DATA(expression-list) - Defines a list of string or numerical values

DIM array-variable(dimensions) - Defines a new array variable

EXIT - Exits the interpreter

EXP(numerical-expression) - Calculates the exponential value of the result of numerical-expression

FOR loop-variable = start-value TO end-value [STEP increment] - Bounded loop

FSEEK #filenum,filepos - Positions the file input pointer to the specified location within the open file, the next INPUT #filenum
will read starting at file position filepos

GOSUB line-number - Subroutine call

GOTO line-number - Unconditional branch

IF expression THEN line-number|basic-statement(s) [ELSE line-number|basic-statement(s)] - Conditional

IFF(expression, numeric-expression, numeric-expression) - Evaluates expression and returns the value of the result of the first numeric-expression if true, or the second if false.

IF$(expression, string-expression, string-expression) - Evaluates expression and returns the value of the result of the first string-expression if true, or the second if false.

INPUT [#filenum,|input-prompt;] simple-variable-list - Processes user or file input presented as a comma separated list

INSTR(hackstack-string-expression, needle-string-expression[, start-numeric-expression[, end-numeric-expression]]) - Returns position of first needle-string-expression inside first hackstack-string-expression, optionally start searching at position given by start-numeric-expression and optionally ending at position given by end-numeric-expression. Returns -1 if no match found.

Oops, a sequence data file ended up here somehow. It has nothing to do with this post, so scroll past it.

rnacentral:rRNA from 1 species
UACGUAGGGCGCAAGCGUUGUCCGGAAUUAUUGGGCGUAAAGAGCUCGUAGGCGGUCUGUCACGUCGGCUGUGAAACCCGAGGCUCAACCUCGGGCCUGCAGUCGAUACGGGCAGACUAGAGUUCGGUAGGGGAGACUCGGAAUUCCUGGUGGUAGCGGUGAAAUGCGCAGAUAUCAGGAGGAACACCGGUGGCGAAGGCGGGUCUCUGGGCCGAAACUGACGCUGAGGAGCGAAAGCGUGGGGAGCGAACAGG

LEFT$(string-expression, char-count) - Takes the result of string-expression and returns the left-most char-count characters. If char-count exceeds string length the entire string is returned.

LEN(string-expression) - Returns the length of the result of string-expression

[LET] variable = numeric-expression | string-expression - Assigns a value to a simple variable or array variable

LIST - Lists the program

LOAD filename - Loads a program from disk

LOWER$(string-expression) - Returns a lower-case version of the result of string-expression.

LOG(numerical-expression) - Calculates the natural logarithm value of the result of numerical-expression

NEW - Clears the program from memory

NEXT loop-variable - See FOR statement

MAX(expression-list) - Returns the highest value in expression-list

MID$(string-expression, start-position[, end-position]) - Takes the result of string-expression and returns part of it, starting at position start-position, and ending at end-position. end-position can
be omitted to get the rest of the string. If start-position or end-position are negative, the position is counted backwards from the end of the string.

MIN(expression-list) - Returns the lowest value in expression-list